Latin Lesson

I saw a great website for learning Latin in an easy way.  This website by C. J. Cherryh seems to develop a fun way to learning Latin.

Here are some of Cherryh’s  lessons worth noting.

1. Latin has sentence construction that proceeds this way: <ACTOR/ACTED-UPON> <ACTION>.

2. The person or thing that is acted upon (i.e. the actee) has -m appended: for example, if we wish to say “Brutus saw Caesar”, it’ll be something like

<Brutus/ Caeserem> <saw>.

Well, its not always “em” thats appended. For instance, if Brutus is the actee, we’ll get “Brutum”.

3.  What about the verbs?

We know Brutus killed Caesar; due to my knowledge of only simple present tense, we shall convert it to “Brutus kills Caesar”.

Latin translation: <Brutus /Caesarem> <occidit>.

Now for “Caesar sees Brutus”. Latin: <Caesar/ Brutum> <videt>.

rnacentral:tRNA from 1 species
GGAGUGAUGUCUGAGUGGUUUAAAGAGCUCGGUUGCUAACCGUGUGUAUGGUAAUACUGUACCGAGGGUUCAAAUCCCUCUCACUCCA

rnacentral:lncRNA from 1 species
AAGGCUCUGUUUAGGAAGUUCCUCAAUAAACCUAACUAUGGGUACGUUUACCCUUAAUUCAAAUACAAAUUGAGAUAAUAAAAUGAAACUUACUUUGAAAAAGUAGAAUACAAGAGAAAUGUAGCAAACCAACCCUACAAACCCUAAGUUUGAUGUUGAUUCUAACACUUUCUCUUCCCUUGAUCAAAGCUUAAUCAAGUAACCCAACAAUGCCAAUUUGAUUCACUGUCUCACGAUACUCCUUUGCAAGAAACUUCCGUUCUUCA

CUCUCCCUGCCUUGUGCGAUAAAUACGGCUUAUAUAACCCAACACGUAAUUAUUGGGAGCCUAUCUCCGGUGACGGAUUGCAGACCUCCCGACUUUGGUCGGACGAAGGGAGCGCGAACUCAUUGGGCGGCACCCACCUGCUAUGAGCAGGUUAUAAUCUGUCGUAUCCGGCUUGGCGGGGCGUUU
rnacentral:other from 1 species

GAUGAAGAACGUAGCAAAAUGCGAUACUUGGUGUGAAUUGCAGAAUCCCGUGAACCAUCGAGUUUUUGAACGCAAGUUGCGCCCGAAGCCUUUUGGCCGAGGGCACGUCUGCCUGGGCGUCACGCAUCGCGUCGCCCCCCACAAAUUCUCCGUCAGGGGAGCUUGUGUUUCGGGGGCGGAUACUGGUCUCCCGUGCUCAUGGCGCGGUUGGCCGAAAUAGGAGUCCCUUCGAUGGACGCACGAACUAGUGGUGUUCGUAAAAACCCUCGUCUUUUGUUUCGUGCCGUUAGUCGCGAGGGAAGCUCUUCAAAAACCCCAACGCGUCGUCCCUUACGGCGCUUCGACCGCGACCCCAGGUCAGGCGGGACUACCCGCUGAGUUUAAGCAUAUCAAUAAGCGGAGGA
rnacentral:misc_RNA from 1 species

It seems Caesar and Brutus are favorites among the teachers of Latin (going by the number of references to them in online Latin courses.) So, here’s another sentence with these 2 protagonists.

“Brutus slays Caesar”; Latin translation: <Brutus /Caesarem> <necat>.

Some other verbs:

” Caesar loves Brutus”  <Caesar/Brutum> <amat>.

“Woman catches Brutus”   <Femina/ Brutum> <capit>.

4. One thing you might have observed with the verbs mentioned: they end in -at, -et, or -it. Cherryh provides some clarification on which verbs end up which way.

Well, I myself don’t know much more of Latin, and have essentially put together this material from the first two lessons on Cherryh’s website. Have fun reading that.

Here’s a site that gives links to linguistics  courses (in many languages including Latin) :

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